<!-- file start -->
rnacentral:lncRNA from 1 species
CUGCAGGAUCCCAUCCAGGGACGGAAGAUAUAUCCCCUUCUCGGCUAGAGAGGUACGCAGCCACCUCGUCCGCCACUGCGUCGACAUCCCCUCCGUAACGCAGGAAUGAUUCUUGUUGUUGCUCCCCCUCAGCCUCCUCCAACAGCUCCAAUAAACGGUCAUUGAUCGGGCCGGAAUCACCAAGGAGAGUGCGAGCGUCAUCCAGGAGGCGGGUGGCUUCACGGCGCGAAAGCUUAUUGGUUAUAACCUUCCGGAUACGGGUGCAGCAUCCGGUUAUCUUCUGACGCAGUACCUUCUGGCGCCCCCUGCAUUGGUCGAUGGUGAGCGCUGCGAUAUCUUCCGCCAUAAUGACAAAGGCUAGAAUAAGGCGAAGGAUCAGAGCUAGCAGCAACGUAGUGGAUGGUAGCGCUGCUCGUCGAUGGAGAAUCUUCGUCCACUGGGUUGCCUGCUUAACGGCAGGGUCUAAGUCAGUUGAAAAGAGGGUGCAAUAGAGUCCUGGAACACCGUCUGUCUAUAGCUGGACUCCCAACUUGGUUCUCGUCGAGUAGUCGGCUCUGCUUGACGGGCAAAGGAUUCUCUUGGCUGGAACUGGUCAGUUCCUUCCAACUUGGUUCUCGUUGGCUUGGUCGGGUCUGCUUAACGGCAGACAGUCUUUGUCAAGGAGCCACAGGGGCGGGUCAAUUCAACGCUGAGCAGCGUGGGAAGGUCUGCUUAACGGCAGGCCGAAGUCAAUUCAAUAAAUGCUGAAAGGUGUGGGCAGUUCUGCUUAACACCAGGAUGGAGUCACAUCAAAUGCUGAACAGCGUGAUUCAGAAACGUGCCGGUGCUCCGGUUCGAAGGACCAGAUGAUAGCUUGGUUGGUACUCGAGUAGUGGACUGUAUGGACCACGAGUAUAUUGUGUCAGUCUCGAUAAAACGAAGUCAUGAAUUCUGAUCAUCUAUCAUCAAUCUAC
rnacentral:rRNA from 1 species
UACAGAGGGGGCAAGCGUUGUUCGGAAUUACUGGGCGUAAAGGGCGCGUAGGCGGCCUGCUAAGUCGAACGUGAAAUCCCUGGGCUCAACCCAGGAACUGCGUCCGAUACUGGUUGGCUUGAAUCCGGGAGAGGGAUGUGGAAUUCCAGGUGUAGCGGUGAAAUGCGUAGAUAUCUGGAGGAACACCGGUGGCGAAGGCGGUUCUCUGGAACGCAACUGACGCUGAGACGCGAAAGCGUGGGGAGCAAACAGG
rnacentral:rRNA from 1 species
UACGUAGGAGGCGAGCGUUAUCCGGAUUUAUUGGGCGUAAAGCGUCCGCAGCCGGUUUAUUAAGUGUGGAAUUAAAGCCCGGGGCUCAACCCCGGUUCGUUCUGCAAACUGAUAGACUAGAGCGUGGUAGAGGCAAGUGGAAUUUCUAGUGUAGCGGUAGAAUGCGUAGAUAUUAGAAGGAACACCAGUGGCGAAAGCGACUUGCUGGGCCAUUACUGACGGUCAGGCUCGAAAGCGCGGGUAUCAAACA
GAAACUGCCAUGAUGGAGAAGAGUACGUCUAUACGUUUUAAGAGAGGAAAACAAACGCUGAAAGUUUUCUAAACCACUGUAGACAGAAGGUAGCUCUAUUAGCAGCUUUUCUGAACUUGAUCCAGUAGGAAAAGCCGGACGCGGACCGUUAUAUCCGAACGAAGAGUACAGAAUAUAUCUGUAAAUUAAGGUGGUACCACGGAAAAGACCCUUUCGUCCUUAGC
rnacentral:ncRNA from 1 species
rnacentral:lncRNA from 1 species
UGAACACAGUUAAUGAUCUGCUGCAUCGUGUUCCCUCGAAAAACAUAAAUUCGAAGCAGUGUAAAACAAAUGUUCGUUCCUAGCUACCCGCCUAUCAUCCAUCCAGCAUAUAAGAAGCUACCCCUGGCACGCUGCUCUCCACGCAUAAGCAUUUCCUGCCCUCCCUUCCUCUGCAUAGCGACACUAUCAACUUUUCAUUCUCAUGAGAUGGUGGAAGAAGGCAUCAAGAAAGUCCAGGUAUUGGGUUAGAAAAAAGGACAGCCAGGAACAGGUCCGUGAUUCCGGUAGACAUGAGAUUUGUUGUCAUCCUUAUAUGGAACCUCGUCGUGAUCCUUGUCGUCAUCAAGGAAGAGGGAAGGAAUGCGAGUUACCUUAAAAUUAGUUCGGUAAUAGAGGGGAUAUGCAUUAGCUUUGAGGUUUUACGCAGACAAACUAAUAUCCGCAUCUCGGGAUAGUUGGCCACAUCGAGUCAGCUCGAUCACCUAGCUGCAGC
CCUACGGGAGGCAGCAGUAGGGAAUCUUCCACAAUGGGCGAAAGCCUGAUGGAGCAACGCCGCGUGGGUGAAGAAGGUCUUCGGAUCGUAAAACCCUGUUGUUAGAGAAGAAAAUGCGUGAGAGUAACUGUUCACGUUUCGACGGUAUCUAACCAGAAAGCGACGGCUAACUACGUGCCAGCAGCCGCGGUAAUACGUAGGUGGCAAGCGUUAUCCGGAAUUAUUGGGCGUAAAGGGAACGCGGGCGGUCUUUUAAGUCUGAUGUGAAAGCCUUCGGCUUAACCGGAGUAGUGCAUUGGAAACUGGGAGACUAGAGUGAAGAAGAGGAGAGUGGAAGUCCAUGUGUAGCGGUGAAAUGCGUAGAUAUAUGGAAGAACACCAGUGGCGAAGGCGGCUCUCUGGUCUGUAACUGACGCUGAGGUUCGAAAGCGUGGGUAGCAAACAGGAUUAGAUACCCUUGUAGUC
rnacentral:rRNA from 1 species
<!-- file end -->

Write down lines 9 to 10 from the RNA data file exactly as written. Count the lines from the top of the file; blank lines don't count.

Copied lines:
rnacentral:lncRNA from 1 species
UGAACACAGUUAAUGAUCUGCUGCAUCGUGUUCCCUCGAAAAACAUAAAUUCGAAGCAGUGUAAAACAAAUGUUCGUUCCUAGCUACCCGCCUAUCAUCCAUCCAGCAUAUAAGAAGCUACCCCUGGCACGCUGCUCUCCACGCAUAAGCAUUUCCUGCCCUCCCUUCCUCUGCAUAGCGACACUAUCAACUUUUCAUUCUCAUGAGAUGGUGGAAGAAGGCAUCAAGAAAGUCCAGGUAUUGGGUUAGAAAAAAGGACAGCCAGGAACAGGUCCGUGAUUCCGGUAGACAUGAGAUUUGUUGUCAUCCUUAUAUGGAACCUCGUCGUGAUCCUUGUCGUCAUCAAGGAAGAGGGAAGGAAUGCGAGUUACCUUAAAAUUAGUUCGGUAAUAGAGGGGAUAUGCAUUAGCUUUGAGGUUUUACGCAGACAAACUAAUAUCCGCAUCUCGGGAUAGUUGGCCACAUCGAGUCAGCUCGAUCACCUAGCUGCAGC